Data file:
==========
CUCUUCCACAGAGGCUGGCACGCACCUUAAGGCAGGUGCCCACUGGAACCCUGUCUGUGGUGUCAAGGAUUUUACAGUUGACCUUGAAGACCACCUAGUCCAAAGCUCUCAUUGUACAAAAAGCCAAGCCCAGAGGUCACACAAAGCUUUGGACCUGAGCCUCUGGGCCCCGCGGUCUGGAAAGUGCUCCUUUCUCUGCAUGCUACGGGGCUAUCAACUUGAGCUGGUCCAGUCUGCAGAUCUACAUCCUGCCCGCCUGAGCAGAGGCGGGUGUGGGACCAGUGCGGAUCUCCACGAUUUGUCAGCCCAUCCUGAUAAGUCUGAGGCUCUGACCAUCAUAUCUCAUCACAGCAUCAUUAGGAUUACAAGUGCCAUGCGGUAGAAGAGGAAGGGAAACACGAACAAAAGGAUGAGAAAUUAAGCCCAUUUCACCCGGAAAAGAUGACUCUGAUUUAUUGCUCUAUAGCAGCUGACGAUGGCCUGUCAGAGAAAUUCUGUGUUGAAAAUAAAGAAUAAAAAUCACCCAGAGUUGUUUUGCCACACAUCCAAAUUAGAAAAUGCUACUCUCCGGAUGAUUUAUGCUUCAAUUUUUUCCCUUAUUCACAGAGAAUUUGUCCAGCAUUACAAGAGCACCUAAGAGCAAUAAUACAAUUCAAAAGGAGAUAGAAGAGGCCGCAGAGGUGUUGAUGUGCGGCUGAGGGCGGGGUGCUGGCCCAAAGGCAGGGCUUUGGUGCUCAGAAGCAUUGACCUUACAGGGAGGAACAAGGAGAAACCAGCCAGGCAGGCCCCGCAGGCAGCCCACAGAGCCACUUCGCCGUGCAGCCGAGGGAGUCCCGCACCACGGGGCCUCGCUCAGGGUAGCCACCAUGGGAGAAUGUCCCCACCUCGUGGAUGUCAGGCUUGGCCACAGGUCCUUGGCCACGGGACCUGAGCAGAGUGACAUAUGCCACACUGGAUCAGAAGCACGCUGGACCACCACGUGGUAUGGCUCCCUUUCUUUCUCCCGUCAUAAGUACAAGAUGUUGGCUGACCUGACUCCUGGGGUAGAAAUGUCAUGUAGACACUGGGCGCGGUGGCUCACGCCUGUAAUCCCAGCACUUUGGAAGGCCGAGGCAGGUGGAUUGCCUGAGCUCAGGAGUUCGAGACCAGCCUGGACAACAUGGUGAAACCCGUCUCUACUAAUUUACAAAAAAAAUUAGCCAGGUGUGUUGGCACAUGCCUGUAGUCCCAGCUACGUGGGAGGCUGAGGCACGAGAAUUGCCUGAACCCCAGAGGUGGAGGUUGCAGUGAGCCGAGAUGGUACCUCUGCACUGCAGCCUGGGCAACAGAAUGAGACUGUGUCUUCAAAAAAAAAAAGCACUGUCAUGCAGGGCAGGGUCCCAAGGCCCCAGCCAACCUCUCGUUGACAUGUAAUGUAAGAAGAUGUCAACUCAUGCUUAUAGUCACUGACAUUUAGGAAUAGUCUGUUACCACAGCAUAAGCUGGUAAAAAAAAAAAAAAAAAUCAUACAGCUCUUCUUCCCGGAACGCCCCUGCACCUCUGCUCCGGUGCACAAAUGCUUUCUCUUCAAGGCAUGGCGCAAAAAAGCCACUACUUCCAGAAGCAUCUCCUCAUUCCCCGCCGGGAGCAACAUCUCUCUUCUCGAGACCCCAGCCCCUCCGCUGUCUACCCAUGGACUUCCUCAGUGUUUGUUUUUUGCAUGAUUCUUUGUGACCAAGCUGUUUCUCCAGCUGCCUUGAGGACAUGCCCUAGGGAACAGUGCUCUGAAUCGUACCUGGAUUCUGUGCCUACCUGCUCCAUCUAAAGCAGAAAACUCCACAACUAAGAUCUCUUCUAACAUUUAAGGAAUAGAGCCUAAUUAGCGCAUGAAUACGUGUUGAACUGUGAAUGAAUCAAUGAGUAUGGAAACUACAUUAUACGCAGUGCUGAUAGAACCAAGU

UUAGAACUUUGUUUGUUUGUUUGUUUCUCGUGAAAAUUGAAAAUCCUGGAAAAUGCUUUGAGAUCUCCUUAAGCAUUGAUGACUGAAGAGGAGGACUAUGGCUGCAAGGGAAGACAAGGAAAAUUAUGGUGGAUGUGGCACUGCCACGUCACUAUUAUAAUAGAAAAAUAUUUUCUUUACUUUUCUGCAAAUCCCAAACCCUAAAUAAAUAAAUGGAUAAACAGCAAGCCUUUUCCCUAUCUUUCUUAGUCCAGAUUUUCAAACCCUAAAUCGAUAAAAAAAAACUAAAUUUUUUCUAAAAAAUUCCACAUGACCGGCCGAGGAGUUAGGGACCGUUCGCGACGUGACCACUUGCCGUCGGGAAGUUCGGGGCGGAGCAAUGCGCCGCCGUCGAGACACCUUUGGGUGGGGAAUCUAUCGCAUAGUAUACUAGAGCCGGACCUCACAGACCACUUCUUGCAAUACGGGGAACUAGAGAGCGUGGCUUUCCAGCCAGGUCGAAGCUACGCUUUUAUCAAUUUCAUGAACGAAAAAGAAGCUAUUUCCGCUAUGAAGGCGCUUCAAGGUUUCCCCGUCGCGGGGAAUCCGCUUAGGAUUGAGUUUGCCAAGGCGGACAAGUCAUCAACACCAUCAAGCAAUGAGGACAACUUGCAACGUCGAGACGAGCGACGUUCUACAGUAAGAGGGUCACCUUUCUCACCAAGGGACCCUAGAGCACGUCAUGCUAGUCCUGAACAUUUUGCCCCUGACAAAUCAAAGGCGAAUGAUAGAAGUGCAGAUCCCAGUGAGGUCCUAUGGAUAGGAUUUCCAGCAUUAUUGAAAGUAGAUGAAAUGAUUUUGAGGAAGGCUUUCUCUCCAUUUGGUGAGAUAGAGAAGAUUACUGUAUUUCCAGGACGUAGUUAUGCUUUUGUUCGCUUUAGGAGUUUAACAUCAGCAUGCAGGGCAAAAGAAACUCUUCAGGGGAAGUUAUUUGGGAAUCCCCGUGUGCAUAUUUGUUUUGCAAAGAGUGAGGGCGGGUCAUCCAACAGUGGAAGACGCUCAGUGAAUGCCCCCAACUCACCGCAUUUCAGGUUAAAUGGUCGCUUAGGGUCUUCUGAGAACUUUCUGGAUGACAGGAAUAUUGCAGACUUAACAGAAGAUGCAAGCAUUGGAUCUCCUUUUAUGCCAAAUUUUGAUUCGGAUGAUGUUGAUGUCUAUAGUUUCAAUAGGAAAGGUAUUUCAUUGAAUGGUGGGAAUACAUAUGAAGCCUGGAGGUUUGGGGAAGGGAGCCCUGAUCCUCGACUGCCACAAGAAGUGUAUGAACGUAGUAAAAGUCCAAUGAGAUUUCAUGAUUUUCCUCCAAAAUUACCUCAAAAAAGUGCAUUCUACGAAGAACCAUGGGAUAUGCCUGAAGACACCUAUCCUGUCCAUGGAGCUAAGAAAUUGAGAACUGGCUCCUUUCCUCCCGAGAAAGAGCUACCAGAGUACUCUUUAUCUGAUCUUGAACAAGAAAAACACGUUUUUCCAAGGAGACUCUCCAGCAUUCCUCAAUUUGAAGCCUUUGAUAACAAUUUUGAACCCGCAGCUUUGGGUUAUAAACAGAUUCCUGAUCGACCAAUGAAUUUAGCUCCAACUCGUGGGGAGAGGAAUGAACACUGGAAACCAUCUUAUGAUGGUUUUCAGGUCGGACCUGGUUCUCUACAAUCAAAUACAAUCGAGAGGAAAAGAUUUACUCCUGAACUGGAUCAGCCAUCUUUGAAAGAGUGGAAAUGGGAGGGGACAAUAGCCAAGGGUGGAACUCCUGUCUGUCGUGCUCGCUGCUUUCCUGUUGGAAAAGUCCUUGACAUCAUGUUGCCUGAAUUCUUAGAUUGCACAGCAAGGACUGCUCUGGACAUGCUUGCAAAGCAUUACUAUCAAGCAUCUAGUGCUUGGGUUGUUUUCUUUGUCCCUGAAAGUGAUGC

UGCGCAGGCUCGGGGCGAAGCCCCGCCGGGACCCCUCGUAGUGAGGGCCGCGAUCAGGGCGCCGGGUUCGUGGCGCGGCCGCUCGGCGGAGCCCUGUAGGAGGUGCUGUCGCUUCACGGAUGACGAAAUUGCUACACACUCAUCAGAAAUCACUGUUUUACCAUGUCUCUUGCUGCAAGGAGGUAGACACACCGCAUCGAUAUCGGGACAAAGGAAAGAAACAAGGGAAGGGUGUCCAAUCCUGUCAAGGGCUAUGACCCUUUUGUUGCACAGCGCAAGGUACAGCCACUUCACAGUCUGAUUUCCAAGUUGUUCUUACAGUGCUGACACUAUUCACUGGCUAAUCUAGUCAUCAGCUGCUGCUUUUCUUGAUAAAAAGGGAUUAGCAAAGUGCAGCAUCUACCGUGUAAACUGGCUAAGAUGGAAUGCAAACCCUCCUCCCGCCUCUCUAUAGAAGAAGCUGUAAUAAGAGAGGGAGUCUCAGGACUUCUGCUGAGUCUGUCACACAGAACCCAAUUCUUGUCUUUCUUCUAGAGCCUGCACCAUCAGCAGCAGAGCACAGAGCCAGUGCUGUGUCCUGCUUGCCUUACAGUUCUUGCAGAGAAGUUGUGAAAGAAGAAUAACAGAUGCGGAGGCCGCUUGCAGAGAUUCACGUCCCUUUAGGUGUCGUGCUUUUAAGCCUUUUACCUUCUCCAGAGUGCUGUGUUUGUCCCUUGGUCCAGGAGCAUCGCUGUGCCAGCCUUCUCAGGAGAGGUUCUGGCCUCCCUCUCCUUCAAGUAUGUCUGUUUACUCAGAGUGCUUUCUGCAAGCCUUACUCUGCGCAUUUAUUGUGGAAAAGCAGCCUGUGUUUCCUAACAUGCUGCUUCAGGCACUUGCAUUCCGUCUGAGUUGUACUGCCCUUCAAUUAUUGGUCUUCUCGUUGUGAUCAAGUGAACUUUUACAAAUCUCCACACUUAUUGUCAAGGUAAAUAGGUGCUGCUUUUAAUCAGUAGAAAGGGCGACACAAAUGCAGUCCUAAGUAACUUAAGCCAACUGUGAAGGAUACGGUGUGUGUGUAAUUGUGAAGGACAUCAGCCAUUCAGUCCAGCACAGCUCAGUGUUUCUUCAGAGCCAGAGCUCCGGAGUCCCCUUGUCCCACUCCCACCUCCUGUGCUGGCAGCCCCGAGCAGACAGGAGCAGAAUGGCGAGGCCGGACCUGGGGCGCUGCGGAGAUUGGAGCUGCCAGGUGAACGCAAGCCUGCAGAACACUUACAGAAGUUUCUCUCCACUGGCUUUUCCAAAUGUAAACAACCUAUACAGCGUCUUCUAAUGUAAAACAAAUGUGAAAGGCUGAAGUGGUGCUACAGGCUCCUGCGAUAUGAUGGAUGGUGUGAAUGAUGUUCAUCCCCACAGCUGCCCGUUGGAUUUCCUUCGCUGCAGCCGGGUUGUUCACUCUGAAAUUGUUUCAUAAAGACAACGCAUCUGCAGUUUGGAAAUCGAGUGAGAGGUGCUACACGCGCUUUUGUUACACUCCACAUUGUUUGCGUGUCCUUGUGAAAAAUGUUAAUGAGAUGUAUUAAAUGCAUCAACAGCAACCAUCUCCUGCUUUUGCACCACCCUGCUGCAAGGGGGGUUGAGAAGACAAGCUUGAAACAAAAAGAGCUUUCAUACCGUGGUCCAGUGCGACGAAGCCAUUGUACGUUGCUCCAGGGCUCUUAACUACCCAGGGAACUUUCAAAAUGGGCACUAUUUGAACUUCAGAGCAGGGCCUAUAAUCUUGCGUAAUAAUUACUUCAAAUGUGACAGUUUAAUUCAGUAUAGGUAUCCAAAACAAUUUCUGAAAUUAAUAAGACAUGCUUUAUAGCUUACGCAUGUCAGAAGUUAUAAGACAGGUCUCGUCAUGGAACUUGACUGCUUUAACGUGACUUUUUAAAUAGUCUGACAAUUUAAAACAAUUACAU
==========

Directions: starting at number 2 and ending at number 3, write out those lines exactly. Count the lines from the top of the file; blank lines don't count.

UUAGAACUUUGUUUGUUUGUUUGUUUCUCGUGAAAAUUGAAAAUCCUGGAAAAUGCUUUGAGAUCUCCUUAAGCAUUGAUGACUGAAGAGGAGGACUAUGGCUGCAAGGGAAGACAAGGAAAAUUAUGGUGGAUGUGGCACUGCCACGUCACUAUUAUAAUAGAAAAAUAUUUUCUUUACUUUUCUGCAAAUCCCAAACCCUAAAUAAAUAAAUGGAUAAACAGCAAGCCUUUUCCCUAUCUUUCUUAGUCCAGAUUUUCAAACCCUAAAUCGAUAAAAAAAAACUAAAUUUUUUCUAAAAAAUUCCACAUGACCGGCCGAGGAGUUAGGGACCGUUCGCGACGUGACCACUUGCCGUCGGGAAGUUCGGGGCGGAGCAAUGCGCCGCCGUCGAGACACCUUUGGGUGGGGAAUCUAUCGCAUAGUAUACUAGAGCCGGACCUCACAGACCACUUCUUGCAAUACGGGGAACUAGAGAGCGUGGCUUUCCAGCCAGGUCGAAGCUACGCUUUUAUCAAUUUCAUGAACGAAAAAGAAGCUAUUUCCGCUAUGAAGGCGCUUCAAGGUUUCCCCGUCGCGGGGAAUCCGCUUAGGAUUGAGUUUGCCAAGGCGGACAAGUCAUCAACACCAUCAAGCAAUGAGGACAACUUGCAACGUCGAGACGAGCGACGUUCUACAGUAAGAGGGUCACCUUUCUCACCAAGGGACCCUAGAGCACGUCAUGCUAGUCCUGAACAUUUUGCCCCUGACAAAUCAAAGGCGAAUGAUAGAAGUGCAGAUCCCAGUGAGGUCCUAUGGAUAGGAUUUCCAGCAUUAUUGAAAGUAGAUGAAAUGAUUUUGAGGAAGGCUUUCUCUCCAUUUGGUGAGAUAGAGAAGAUUACUGUAUUUCCAGGACGUAGUUAUGCUUUUGUUCGCUUUAGGAGUUUAACAUCAGCAUGCAGGGCAAAAGAAACUCUUCAGGGGAAGUUAUUUGGGAAUCCCCGUGUGCAUAUUUGUUUUGCAAAGAGUGAGGGCGGGUCAUCCAACAGUGGAAGACGCUCAGUGAAUGCCCCCAACUCACCGCAUUUCAGGUUAAAUGGUCGCUUAGGGUCUUCUGAGAACUUUCUGGAUGACAGGAAUAUUGCAGACUUAACAGAAGAUGCAAGCAUUGGAUCUCCUUUUAUGCCAAAUUUUGAUUCGGAUGAUGUUGAUGUCUAUAGUUUCAAUAGGAAAGGUAUUUCAUUGAAUGGUGGGAAUACAUAUGAAGCCUGGAGGUUUGGGGAAGGGAGCCCUGAUCCUCGACUGCCACAAGAAGUGUAUGAACGUAGUAAAAGUCCAAUGAGAUUUCAUGAUUUUCCUCCAAAAUUACCUCAAAAAAGUGCAUUCUACGAAGAACCAUGGGAUAUGCCUGAAGACACCUAUCCUGUCCAUGGAGCUAAGAAAUUGAGAACUGGCUCCUUUCCUCCCGAGAAAGAGCUACCAGAGUACUCUUUAUCUGAUCUUGAACAAGAAAAACACGUUUUUCCAAGGAGACUCUCCAGCAUUCCUCAAUUUGAAGCCUUUGAUAACAAUUUUGAACCCGCAGCUUUGGGUUAUAAACAGAUUCCUGAUCGACCAAUGAAUUUAGCUCCAACUCGUGGGGAGAGGAAUGAACACUGGAAACCAUCUUAUGAUGGUUUUCAGGUCGGACCUGGUUCUCUACAAUCAAAUACAAUCGAGAGGAAAAGAUUUACUCCUGAACUGGAUCAGCCAUCUUUGAAAGAGUGGAAAUGGGAGGGGACAAUAGCCAAGGGUGGAACUCCUGUCUGUCGUGCUCGCUGCUUUCCUGUUGGAAAAGUCCUUGACAUCAUGUUGCCUGAAUUCUUAGAUUGCACAGCAAGGACUGCUCUGGACAUGCUUGCAAAGCAUUACUAUCAAGCAUCUAGUGCUUGGGUUGUUUUCUUUGUCCCUGAAAGUGAUGC

UGCGCAGGCUCGGGGCGAAGCCCCGCCGGGACCCCUCGUAGUGAGGGCCGCGAUCAGGGCGCCGGGUUCGUGGCGCGGCCGCUCGGCGGAGCCCUGUAGGAGGUGCUGUCGCUUCACGGAUGACGAAAUUGCUACACACUCAUCAGAAAUCACUGUUUUACCAUGUCUCUUGCUGCAAGGAGGUAGACACACCGCAUCGAUAUCGGGACAAAGGAAAGAAACAAGGGAAGGGUGUCCAAUCCUGUCAAGGGCUAUGACCCUUUUGUUGCACAGCGCAAGGUACAGCCACUUCACAGUCUGAUUUCCAAGUUGUUCUUACAGUGCUGACACUAUUCACUGGCUAAUCUAGUCAUCAGCUGCUGCUUUUCUUGAUAAAAAGGGAUUAGCAAAGUGCAGCAUCUACCGUGUAAACUGGCUAAGAUGGAAUGCAAACCCUCCUCCCGCCUCUCUAUAGAAGAAGCUGUAAUAAGAGAGGGAGUCUCAGGACUUCUGCUGAGUCUGUCACACAGAACCCAAUUCUUGUCUUUCUUCUAGAGCCUGCACCAUCAGCAGCAGAGCACAGAGCCAGUGCUGUGUCCUGCUUGCCUUACAGUUCUUGCAGAGAAGUUGUGAAAGAAGAAUAACAGAUGCGGAGGCCGCUUGCAGAGAUUCACGUCCCUUUAGGUGUCGUGCUUUUAAGCCUUUUACCUUCUCCAGAGUGCUGUGUUUGUCCCUUGGUCCAGGAGCAUCGCUGUGCCAGCCUUCUCAGGAGAGGUUCUGGCCUCCCUCUCCUUCAAGUAUGUCUGUUUACUCAGAGUGCUUUCUGCAAGCCUUACUCUGCGCAUUUAUUGUGGAAAAGCAGCCUGUGUUUCCUAACAUGCUGCUUCAGGCACUUGCAUUCCGUCUGAGUUGUACUGCCCUUCAAUUAUUGGUCUUCUCGUUGUGAUCAAGUGAACUUUUACAAAUCUCCACACUUAUUGUCAAGGUAAAUAGGUGCUGCUUUUAAUCAGUAGAAAGGGCGACACAAAUGCAGUCCUAAGUAACUUAAGCCAACUGUGAAGGAUACGGUGUGUGUGUAAUUGUGAAGGACAUCAGCCAUUCAGUCCAGCACAGCUCAGUGUUUCUUCAGAGCCAGAGCUCCGGAGUCCCCUUGUCCCACUCCCACCUCCUGUGCUGGCAGCCCCGAGCAGACAGGAGCAGAAUGGCGAGGCCGGACCUGGGGCGCUGCGGAGAUUGGAGCUGCCAGGUGAACGCAAGCCUGCAGAACACUUACAGAAGUUUCUCUCCACUGGCUUUUCCAAAUGUAAACAACCUAUACAGCGUCUUCUAAUGUAAAACAAAUGUGAAAGGCUGAAGUGGUGCUACAGGCUCCUGCGAUAUGAUGGAUGGUGUGAAUGAUGUUCAUCCCCACAGCUGCCCGUUGGAUUUCCUUCGCUGCAGCCGGGUUGUUCACUCUGAAAUUGUUUCAUAAAGACAACGCAUCUGCAGUUUGGAAAUCGAGUGAGAGGUGCUACACGCGCUUUUGUUACACUCCACAUUGUUUGCGUGUCCUUGUGAAAAAUGUUAAUGAGAUGUAUUAAAUGCAUCAACAGCAACCAUCUCCUGCUUUUGCACCACCCUGCUGCAAGGGGGGUUGAGAAGACAAGCUUGAAACAAAAAGAGCUUUCAUACCGUGGUCCAGUGCGACGAAGCCAUUGUACGUUGCUCCAGGGCUCUUAACUACCCAGGGAACUUUCAAAAUGGGCACUAUUUGAACUUCAGAGCAGGGCCUAUAAUCUUGCGUAAUAAUUACUUCAAAUGUGACAGUUUAAUUCAGUAUAGGUAUCCAAAACAAUUUCUGAAAUUAAUAAGACAUGCUUUAUAGCUUACGCAUGUCAGAAGUUAUAAGACAGGUCUCGUCAUGGAACUUGACUGCUUUAACGUGACUUUUUAAAUAGUCUGACAAUUUAAAACAAUUACAU